March Madness Star DJ Burns Has A Legit Shot To Go Pro, But Not In The Sport You Think

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Robert McGreevy Contributor
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March Madness star DJ Burns is apparently getting serious consideration to play offensive line in the NFL, according to multiple reports.

Now, while these reports may be the unfortunate byproduct of a journalist’s least favorite holiday, April Fools’ Day, I have good reason to believe they’re legit.

First, there’s NFL Network’s Peter Schrager, a well-sourced league insider who claims he, “Spoke to and texted multiple scouts/GMs about NC State big man DJ Burns as an NFL OT prospect over the last 24 hours. He is listed at 6’9, but probably is 6’7. A+ footwork.”

“Would get big turnout & potentially $ if he participated in a Pro Day/workout the week after the Final 4,” Schrager tweeted Monday morning.

Adding to the intrigue was Jim Nagy, the executive director of the Senior Bowl, a flagship draft event that pits NFL Draft prospects against each other in a live-action game that has become a must-attend event for NFL scouts and GMs alike.

Nagy also touted Burns’ athletic prowess and practically slobbered over the big man’s skills on Twitter.

“Anyone else having trouble watching N.C State big man D.J. Burns and not thinking about him kick-sliding in pass pro or getting out on pulls? Can’t just be me,” he wrote Friday. (RELATED: Officials Make Truly Shocking Error That Calls Into Question Entirety Of March Madness)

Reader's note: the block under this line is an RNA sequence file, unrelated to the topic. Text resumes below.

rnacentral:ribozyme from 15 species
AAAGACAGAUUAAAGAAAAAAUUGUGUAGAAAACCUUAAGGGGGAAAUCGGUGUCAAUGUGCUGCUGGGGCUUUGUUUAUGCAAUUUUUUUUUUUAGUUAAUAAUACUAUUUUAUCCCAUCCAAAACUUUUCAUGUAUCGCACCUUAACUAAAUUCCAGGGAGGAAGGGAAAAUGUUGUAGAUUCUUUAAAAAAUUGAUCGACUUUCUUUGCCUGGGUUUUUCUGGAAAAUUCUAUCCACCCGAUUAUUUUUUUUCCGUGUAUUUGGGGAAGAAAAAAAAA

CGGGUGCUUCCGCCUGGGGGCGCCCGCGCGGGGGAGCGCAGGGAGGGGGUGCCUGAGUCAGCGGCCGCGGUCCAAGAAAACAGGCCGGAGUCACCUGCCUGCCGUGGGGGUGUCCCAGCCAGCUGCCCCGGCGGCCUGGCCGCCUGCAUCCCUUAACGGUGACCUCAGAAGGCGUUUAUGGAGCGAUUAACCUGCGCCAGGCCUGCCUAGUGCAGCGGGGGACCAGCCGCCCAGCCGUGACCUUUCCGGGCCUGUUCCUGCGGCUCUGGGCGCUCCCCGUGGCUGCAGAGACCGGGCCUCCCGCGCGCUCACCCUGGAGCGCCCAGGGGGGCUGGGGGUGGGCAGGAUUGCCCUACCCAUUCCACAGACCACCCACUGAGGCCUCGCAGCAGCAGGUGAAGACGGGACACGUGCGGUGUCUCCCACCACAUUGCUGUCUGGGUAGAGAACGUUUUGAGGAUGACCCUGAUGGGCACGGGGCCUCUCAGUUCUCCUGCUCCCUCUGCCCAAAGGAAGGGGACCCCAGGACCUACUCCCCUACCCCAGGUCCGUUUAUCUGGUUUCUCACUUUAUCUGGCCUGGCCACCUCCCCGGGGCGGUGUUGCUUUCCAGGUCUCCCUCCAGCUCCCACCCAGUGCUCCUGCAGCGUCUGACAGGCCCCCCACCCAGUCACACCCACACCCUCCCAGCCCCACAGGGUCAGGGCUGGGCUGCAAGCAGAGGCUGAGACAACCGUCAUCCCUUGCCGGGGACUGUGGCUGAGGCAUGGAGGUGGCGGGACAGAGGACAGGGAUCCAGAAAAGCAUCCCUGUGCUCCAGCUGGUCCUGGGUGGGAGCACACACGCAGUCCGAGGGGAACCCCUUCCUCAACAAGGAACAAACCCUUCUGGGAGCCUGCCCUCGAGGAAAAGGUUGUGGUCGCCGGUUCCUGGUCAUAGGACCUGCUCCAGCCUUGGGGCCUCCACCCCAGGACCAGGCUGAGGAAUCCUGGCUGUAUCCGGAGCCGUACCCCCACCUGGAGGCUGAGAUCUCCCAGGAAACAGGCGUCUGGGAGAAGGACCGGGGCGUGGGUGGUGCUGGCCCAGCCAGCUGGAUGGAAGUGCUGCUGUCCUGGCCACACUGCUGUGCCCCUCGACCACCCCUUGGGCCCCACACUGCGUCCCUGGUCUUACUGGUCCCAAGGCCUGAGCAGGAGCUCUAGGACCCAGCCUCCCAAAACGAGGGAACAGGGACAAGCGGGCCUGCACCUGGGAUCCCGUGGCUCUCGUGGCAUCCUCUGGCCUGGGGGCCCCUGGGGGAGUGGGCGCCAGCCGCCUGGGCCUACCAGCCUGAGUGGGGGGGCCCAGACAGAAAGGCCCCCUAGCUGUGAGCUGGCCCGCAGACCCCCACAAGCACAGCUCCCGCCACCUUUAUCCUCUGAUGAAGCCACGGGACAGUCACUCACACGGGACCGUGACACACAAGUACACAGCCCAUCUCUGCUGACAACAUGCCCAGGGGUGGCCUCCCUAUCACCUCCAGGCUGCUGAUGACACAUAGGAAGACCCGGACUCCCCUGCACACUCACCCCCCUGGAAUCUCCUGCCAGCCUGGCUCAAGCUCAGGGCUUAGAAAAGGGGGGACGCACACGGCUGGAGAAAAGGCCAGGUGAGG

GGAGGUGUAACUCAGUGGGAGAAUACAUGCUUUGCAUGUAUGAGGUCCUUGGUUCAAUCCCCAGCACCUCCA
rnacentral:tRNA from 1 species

He then added that NFL scouts in his circles agreed.

“Got texts from a GM, Ass’t GM, and college director within an hour of posting this on Friday night,” he tweeted Monday morning. “NFL interest in D.J. Burns is a real thing.”

A few hours later, as if responding to thoughts within my very own brain, he addressed the April Fools’ of it all.

“I don’t do lame April fools posts,” he tweeted, alleviating the concerns of sports bloggers and reporters everywhere.

Burns at offensive tackle makes perfect sense. He has great footwork for a big man. He has a massive body at six feet, nine inches and 275 pounds. And the big boy can move.

And while NBA players typically make more money than their NFL counterparts, it would be a lot easier for Burns to stick on a 53-man roster in the NFL as a development project than it would be for him to crack an NBA squad’s 10-man rotation.

The majority of NBA draft analysts don’t currently have Burns projected as a first-round pick. He may be better off declaring for the NFL draft, finding a coach that loves hog mollies, and going buck-wild bullying defensive ends for the next 15 years.

Based on his hilarious trolling of Duke after stomping them out of the NCAA Tournament, I’ll be rooting for him no matter what he does next.